Leda and the Swan
Long, long ago, we dreamed of a place to park our wandering souls, a refuge where thought could incubate the aspirations of a nascent desire. And it ‘twas in a twinkling of the eye that a kinetic drive was launched and born unto a form. When we took our chances and left that celestial band of magnetism, hurtling downward towards the earthly terra firma, a copulative transmutation would occur. With tremendous will, some had seeded themselves onto a mineral, plant, or vegetable form, others on the plane of the animal kingdom. And a lucky few had fought off the imposition of like-minded star-travelers to stake an unwavering claim in the human cell. Once inside the ovular womb, the embryonic development was encapsulated in the water of the organism. At some point, an ignition occurred, and the blur of a perilous journey had been settled. Nature rejoiced in nature. A series of intelligent reactions combined like a pool of metals heated up in a furnace. The will to corporeal life had begun, and with it, that first spark of intellectual cognition brought pictographic language. Representations proliferated. Upright figures became deities as they expounded a mythological cosmos unto themselves through the creation and manipulation of images. And now, here we are.
As contemporary art diffuses into armchair sociology, there are nonetheless some constants to hang your hat on. It’s the good fortune of time immemorial that provocative artists take familiar things and pivot them with transgressive acts to shock the senses. Take the cryptic art of Marlie Mul. Diffident she is not. She crafts innocuous-looking objects in various stages of construction that melt and terraform like 3D prints stuck in an outmoded software program. Something in her sculptures has gone absurdly wrong, like a morphed GIF, scrambled by the corruption of its data. This is what makes them tick. Their lightness of touch belies the weightiness of their industrial materials. The functional bumps into the dysfunctional. They wed. They are real. One can laugh at the pattern-recognition gone wrong, yet still be grounded in the rudiments of her brazen sculptural derring-do.
In “Sperms Going to a Fashion Show”, the mocking title keeps in line with Mul’s absurdist rhetoric. A phalanx of largish sperm forms with flagella tails are grouped, swimming together like a school of fish. The precise forms here are not alien to our overstimulated visual sensibilities. Let’s presume that these are pre-prenatal bodies of impish characters absurdly crowned with toupees. (They made me think of aged Freudian era professors.) The artist certainly understands the radicality of Hans Bellmar’s anatomized bodies and the early figuration of Francis Bacon or Maria Lassnig. She takes things a few steps further – or, backwards, if you will. Milky as the veinless soft white marble from Naxos, Mul’s titular sperm are incipient bodies in suspended animation. The shell of a fully-formed figure is dispensed with in favour of a thwarted physical development. The gunmetal stems they rest upon are pedestrian, standing low to the ground, floating the bulbous shapes in 3D space to give the illusion of ejaculative propulsion seeking its target.
With clinical detachment, the forensic precision of the sculptures manages to convey qualities of naivete. Each has been given a comical persona. Yet, where is the fragrant bloom of the living in the clear and limpid proportions of these strange bedfellows, these tragic creatures of technical perfectionism? A hint can be found mounted on the walls. Some half-domed ovular shapes are supposed to be the top view of bald male pates, yet their shapes suggest an orifice. Ab ovo, Mul subconsciously gestures towards the incubators of vital sustenance without which human life could not go on.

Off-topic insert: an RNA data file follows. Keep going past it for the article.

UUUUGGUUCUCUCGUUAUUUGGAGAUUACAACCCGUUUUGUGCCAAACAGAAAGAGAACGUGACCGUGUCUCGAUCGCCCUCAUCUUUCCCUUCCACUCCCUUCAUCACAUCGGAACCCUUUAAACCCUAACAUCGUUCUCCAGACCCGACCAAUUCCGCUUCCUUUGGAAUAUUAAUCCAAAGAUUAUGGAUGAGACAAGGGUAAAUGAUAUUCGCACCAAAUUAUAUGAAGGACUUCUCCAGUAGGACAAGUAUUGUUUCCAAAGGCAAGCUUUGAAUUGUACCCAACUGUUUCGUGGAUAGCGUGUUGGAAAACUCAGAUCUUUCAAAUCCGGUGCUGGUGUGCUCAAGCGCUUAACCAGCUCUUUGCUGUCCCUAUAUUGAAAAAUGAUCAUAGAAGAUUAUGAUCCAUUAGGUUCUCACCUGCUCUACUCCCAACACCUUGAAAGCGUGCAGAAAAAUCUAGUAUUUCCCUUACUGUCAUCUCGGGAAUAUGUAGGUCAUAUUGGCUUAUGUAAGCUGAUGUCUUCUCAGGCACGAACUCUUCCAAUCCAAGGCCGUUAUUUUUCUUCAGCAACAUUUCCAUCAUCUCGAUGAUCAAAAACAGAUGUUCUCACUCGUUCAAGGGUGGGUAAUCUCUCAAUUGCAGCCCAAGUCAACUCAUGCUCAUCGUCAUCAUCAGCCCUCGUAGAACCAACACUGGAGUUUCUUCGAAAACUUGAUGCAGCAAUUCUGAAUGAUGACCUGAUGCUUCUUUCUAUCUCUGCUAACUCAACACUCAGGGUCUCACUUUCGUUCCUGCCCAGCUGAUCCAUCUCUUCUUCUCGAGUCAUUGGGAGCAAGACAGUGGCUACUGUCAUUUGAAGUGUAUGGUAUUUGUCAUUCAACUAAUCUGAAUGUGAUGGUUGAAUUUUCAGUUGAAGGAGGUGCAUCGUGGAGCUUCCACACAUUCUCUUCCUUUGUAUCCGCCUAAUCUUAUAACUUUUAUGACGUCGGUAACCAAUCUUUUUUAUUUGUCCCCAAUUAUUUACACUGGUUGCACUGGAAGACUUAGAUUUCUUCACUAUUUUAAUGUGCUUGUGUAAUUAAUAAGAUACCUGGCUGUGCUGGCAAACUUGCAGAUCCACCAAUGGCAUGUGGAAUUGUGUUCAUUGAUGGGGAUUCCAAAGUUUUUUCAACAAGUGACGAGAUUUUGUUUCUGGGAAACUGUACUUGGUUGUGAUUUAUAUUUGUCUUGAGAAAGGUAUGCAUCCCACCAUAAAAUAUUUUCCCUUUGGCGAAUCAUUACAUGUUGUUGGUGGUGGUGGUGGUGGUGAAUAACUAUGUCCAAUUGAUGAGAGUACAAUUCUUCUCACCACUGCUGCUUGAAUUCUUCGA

At present, there is a wave of anatomical symbolism in painting and sculpture. Elastic silicon, with its veneer of human-like skin, is already a staple of animatronic robots (note the AI newscasters made for Chinese state television broadcasts), breast implants, surrogate cadavers, sex dolls, and so forth. Everywhere you look, more and more body is conveyed in a trail of repudiation and irreverence for human anatomy. Freud once commented that unless the personality has love, it sickens and dies. Who can argue with that? Everywhere you look, there are hapless people who walk and talk like automatons, “living” only in the material sense. Mul’s sculptural personae are extreme cases, a weird articulation of that most mysterious of natural biological phenomena, the creation of human life. That she presents them as aged male professorial types is audacious, a bruising critique of the patriarchal ego. Oddly, their hirsute “personalities” are distinct from one another, even within the challenging sculptural parameters set forth by the artist. Their book of life has only a cover and blank pages within.
For centuries, in the milieu of the plastic language, the human anatomy was the vessel for the expression of the loftiest ideals on the projection of power, grace, and beauty. Laughing all the way to the crypto bank, the techno-guardians tinker with genetic codes, splicing, dicing, and grafting newfangled critters together. They want to build a better wheel. Mul debunks this notion. Yet, long-lapsed Edenic man and woman are adaptive, not merely vegetables to be synthetically recoded into virus-resistant organisms. Amidst the earthquakes that shake thrones, the tempest of life makes the world go ‘round. Yet, sadly, love has been cast out – ignored and forgotten until at last she departs, leaving a vacancy that eternity cannot fulfil.
"Sperms Going to a Fashion Show"
Croy Nielsen Gallery, Vienna
4. – 29. 5. 2021